Pastoralists are experts in managing extreme variability. In a volatile world economy, bankers should learn how they do it Ian Scoones is professor at the Institute of Development Studies, and co-director of the ESRC STEPS Centre, both at the University of Sussex in the UK… Edited by Sam Haselby What are the connections between a banker working on a trading floor in London and a pastoralist herding animals across the grasslands of East Africa? More than you’d think. Let me explain how they’re connected; and why they can both learn from each other. Both bankers and pastoralists must, as a matter … Continue reading What pastoralists know
INSIDE THE MIND Our brains can’t thoroughly analyze everything. Here’s how they think through it all anyway. BY TYLER DANIEL ANDERSON-SIEG A ROARING SOUND FILLS THE AIR and a small object zips through the sky. People in a crowd look up, and three voices shout, “Look! Up in the sky! It’s a bird!” “It’s a plane!” “It’s Superman!” It’s the same object, the same sky. It’s even the same roar. So why do three people witnessing the same event reach different conclusions? The answer to this question lies in how our brains are hardwired to think. We experience and interpret the world around … Continue reading HOW DOES THE BRAIN THINK?
Climate change and deforestation have transformed the ecosystem into a net source of planet-warming gases instead of a carbon sink By Alex Fox The Amazon rainforest may now emit more greenhouse gases than the famously lush ecosystem absorbs, according to new research. Long considered to be a bulwark against climate change because of its capacity to absorb carbon dioxide, a new study suggests rising temperatures, increasing drought and rampant deforestation have likely overwhelmed the Amazon’s ability to absorb more greenhouse gases than it emits, reports Craig Welch for National Geographic. The sobering findings appear in a new study published earlier this month in the … Continue reading The Amazon Rainforest Now Emits More Greenhouse Gases Than It Absorbs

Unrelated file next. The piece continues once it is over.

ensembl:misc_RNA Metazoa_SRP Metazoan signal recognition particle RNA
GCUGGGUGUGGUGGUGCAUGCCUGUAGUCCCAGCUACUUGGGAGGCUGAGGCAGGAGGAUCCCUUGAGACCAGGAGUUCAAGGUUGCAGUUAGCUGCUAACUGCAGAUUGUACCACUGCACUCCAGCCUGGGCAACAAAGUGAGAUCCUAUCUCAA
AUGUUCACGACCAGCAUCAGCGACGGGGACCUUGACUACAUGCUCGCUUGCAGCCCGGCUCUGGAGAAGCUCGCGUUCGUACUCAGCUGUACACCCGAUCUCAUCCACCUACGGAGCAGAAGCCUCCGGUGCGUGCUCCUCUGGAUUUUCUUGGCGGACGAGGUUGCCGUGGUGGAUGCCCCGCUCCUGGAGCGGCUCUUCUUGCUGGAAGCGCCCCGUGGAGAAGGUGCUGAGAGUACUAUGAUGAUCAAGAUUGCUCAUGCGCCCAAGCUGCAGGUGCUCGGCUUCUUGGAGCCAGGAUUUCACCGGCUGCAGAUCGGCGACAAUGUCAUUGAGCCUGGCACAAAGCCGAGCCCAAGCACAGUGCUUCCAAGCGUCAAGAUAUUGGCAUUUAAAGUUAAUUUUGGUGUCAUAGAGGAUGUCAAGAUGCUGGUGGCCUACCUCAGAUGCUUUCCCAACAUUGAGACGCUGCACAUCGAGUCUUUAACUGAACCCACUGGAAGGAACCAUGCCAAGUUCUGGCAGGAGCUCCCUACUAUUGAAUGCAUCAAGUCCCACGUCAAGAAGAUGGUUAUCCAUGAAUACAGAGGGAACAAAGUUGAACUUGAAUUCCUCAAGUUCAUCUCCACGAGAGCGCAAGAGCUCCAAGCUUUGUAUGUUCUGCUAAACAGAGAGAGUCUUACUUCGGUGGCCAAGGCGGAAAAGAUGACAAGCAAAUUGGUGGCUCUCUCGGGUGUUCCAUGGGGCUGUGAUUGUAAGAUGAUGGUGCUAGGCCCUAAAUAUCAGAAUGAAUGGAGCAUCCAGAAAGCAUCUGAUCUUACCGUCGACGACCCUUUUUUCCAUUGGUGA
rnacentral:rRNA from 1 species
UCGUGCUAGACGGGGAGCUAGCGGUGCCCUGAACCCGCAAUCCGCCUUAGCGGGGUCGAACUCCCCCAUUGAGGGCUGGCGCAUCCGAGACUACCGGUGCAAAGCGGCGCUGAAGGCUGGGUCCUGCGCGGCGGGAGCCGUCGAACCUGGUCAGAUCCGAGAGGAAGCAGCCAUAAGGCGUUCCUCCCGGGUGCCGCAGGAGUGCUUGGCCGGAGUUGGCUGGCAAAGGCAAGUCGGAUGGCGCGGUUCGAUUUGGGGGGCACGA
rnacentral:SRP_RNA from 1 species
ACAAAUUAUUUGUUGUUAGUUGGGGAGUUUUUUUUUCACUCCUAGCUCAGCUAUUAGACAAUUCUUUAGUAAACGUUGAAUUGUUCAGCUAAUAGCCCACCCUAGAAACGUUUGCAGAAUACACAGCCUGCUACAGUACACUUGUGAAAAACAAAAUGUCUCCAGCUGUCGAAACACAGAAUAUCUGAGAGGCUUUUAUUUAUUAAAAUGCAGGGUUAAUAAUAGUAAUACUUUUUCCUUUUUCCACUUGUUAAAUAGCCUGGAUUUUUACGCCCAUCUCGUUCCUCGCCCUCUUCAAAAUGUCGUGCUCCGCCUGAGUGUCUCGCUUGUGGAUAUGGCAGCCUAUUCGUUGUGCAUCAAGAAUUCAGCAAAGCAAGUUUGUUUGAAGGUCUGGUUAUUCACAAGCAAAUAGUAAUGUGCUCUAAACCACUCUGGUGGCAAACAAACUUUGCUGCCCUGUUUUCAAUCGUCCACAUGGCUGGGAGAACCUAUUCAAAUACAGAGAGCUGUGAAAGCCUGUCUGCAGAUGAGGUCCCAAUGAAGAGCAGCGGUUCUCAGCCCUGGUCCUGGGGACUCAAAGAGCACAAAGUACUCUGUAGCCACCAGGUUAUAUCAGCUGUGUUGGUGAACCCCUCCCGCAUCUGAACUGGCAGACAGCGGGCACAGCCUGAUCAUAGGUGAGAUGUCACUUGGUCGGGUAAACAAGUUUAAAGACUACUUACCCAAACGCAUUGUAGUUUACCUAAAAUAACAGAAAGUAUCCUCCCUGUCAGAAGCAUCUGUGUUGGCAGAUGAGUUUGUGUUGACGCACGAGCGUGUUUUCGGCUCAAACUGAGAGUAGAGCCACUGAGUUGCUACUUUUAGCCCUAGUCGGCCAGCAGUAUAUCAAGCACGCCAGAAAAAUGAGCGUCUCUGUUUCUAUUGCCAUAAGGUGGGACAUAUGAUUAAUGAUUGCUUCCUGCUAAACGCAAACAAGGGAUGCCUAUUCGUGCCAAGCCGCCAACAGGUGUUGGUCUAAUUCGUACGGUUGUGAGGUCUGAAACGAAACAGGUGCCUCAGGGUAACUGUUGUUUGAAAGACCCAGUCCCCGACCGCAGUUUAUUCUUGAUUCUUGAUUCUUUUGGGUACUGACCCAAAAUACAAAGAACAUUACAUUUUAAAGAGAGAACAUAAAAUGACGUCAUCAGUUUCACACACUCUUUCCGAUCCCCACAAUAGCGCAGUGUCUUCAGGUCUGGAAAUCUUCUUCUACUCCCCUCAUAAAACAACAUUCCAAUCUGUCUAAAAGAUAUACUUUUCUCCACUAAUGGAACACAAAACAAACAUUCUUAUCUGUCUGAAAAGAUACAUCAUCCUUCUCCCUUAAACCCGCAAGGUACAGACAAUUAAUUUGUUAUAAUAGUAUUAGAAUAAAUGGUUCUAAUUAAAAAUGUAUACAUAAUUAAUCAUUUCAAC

POSTED BY JAMES DEVITT-NYU Narcissism is driven by insecurity, and not an inflated sense of self, finds a new study by a team of psychology researchers. Its research, which offers a more detailed understanding of this long-examined phenomenon, may also explain what motivates the self-focused nature of social media activity. “…THESE NARCISSISTS ARE NOT GRANDIOSE, BUT RATHER INSECURE, AND THIS IS HOW THEY SEEM TO COPE WITH THEIR INSECURITIES.” “For a long time, it was unclear why narcissists engage in unpleasant behaviors, such as self-congratulation, as it actually makes others think less of them,” explains Pascal Wallisch, a clinical associate professor in … Continue reading NARCISSISM COMES FROM INSECURITY, NOT INFLATED SENSE OF SELF
Time is a construct — and it’s made of atoms. by SARAH WELLS AROUND THE WORLD, we are all controlled by the same, invisible force that tells us when to wake up, when to work, and even when to socialize: time. After this past year, the concept of time may seem less real than ever, but according to a team of physicists in Colorado, that couldn’t be further from the truth. The team used three different elements to measure the length of a second. To date, atomic clocks (which absorb and emit photons at regular frequencies to keep time) are the most accurate way … Continue reading PHYSICISTS ARE ON THE BRINK OF REDEFINING TIME — STUDY